Nearly extinct Javan green magpies thrive at Prague zoo
By Agence France-Presse
Prague zoo said Tuesday that its small flock of critically endangered Javan green magpies was growing, thanks in part to a special new feeding technique using a puppet.
The zoo currently has six Javan green magpies, including two chicks, one of which is being fed with the help of tweezers and a puppet resembling the adult of the striking species, known for its blue-green feathers and orange-red beak.
“We found one broken egg under a nesting pair so we immediately took the other one away,” bird curator Antonin Vaidl told AFP, adding that the chick was hatched in an incubator in March.
“Then we started using this puppet so that the chick would not be imprinted on a human and could reproduce within its species,” Vaidl told AFP, referring to the process by which a bird learns to recognise its species.
Javan green magpies are among the “rarest bird species on the planet today,” Vaidl said, adding that the total global population in captivity and the wild is around 100.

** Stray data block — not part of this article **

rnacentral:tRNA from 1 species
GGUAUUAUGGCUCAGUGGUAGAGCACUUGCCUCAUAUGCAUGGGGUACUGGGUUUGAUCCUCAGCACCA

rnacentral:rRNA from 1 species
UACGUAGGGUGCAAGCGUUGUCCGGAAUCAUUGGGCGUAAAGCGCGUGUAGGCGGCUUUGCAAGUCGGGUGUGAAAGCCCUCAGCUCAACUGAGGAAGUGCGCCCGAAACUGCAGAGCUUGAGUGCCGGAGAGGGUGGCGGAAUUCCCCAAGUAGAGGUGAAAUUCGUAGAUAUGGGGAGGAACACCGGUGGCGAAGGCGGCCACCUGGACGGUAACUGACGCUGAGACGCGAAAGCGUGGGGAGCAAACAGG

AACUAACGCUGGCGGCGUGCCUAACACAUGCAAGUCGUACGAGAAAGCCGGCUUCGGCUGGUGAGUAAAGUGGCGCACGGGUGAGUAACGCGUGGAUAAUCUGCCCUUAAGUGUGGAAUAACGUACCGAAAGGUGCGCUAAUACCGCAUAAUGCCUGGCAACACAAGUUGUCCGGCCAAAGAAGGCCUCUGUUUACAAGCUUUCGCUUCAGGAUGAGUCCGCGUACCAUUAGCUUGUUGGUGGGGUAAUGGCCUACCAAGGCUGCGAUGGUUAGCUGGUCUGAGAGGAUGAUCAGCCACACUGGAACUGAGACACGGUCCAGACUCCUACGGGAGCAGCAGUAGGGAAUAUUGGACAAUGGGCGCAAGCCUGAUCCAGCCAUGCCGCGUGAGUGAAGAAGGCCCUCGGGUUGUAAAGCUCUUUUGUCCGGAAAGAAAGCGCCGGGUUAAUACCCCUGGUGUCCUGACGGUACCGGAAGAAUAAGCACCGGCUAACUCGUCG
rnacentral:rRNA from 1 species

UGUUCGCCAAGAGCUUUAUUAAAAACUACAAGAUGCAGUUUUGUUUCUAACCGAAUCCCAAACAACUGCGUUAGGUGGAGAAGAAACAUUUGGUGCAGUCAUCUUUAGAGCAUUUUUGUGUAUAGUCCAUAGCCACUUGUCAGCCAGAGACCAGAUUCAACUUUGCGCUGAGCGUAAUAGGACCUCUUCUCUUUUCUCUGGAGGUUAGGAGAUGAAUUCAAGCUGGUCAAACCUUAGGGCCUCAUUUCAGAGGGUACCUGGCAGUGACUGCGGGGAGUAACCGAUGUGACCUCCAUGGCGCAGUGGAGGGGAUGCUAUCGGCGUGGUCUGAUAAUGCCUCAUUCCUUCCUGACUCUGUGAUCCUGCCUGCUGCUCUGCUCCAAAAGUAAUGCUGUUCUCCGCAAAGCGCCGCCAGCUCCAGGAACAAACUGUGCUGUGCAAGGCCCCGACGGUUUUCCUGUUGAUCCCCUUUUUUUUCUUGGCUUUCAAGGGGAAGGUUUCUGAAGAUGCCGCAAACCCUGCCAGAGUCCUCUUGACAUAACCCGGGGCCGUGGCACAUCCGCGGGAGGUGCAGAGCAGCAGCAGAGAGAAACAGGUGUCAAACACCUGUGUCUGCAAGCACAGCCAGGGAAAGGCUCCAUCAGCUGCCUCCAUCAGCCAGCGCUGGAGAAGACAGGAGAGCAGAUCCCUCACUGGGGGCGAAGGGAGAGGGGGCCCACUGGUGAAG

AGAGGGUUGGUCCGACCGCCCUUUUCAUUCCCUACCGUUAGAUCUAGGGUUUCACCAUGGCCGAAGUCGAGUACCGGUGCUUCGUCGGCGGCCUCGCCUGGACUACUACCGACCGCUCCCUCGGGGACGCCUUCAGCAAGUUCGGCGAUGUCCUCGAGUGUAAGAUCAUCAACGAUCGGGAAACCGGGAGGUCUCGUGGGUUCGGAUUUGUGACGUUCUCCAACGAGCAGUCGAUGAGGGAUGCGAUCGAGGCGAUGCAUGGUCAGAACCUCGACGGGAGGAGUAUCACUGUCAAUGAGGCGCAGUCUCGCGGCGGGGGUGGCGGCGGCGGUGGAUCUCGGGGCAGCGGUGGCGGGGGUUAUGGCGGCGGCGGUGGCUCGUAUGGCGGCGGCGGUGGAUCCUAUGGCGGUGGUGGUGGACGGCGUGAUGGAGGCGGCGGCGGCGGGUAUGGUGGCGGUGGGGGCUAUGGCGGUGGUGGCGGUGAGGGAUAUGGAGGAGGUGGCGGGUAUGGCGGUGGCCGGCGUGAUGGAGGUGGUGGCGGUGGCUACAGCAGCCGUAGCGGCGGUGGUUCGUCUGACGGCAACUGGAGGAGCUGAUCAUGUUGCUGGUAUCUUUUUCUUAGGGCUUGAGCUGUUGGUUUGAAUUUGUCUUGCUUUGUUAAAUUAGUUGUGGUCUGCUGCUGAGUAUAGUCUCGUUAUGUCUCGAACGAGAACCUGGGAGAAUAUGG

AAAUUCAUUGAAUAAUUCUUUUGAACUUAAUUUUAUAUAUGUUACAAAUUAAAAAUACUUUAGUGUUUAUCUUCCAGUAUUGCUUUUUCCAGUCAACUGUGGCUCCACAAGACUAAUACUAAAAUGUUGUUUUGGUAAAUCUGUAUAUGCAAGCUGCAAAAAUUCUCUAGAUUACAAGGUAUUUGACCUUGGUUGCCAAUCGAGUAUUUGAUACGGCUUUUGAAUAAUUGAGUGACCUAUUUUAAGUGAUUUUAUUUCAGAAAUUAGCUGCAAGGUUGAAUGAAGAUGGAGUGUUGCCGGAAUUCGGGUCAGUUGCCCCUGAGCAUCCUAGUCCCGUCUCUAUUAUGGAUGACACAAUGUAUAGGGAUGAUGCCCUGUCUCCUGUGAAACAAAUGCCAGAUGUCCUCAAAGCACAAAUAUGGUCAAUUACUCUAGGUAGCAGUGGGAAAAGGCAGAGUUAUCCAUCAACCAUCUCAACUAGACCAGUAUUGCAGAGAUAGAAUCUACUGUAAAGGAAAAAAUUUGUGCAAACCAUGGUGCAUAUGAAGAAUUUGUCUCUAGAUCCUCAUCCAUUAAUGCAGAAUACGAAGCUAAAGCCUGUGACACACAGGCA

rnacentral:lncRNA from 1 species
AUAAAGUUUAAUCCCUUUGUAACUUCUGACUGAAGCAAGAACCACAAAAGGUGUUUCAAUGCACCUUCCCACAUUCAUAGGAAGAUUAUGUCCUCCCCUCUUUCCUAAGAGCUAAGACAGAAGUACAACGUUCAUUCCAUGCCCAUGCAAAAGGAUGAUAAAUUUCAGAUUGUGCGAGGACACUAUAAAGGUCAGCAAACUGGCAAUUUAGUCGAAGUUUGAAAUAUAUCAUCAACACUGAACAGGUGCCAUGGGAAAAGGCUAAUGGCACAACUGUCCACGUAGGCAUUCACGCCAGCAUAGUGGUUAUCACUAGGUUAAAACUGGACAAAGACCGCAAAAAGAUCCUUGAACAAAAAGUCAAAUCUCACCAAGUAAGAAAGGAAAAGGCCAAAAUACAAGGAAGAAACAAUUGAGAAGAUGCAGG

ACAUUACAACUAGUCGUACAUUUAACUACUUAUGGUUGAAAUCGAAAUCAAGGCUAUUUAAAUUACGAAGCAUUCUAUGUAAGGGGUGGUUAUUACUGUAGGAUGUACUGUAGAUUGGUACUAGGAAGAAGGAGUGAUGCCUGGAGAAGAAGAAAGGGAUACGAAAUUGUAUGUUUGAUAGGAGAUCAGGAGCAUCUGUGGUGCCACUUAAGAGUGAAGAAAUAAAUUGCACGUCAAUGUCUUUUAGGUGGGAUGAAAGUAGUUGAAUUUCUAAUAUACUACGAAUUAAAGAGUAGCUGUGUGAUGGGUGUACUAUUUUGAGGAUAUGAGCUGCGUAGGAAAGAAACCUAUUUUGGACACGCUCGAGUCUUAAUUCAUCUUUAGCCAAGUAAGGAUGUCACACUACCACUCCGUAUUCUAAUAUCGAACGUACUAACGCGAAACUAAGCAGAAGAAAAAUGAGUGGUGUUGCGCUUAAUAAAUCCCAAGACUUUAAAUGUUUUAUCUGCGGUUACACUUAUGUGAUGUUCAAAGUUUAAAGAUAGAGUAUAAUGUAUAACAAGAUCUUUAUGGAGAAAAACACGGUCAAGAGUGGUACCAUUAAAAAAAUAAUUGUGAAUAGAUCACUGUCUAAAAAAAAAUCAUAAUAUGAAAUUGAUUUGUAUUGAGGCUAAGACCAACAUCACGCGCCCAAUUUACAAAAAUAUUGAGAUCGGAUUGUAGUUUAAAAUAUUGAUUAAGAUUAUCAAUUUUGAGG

“Pessimistic estimates indicate that there are fewer than 50 birds in Indonesia, its country of origin,” he added.
A 2016 study by the wildlife trade monitoring network TRAFFIC warned that 13 species of Indonesian birds, including the Javan green magpie and the country’s symbolic Javan hawk-eagle, were at serious risk of extinction mainly due to the pet trade.
Prague zoo got its first pair of Javan green magpies in 2015 from the Chester zoo in northwestern England near Liverpool.
The pair was the first to successfully breed in captivity in Europe, producing three offspring in April 2016.
“It was the first-ever evidence that Javan green magpies can have more than two offspring at a go. People always believed two was the maximum,” Vaidl said.
He said that so far the zoo had successfully hatched a total of five chicks.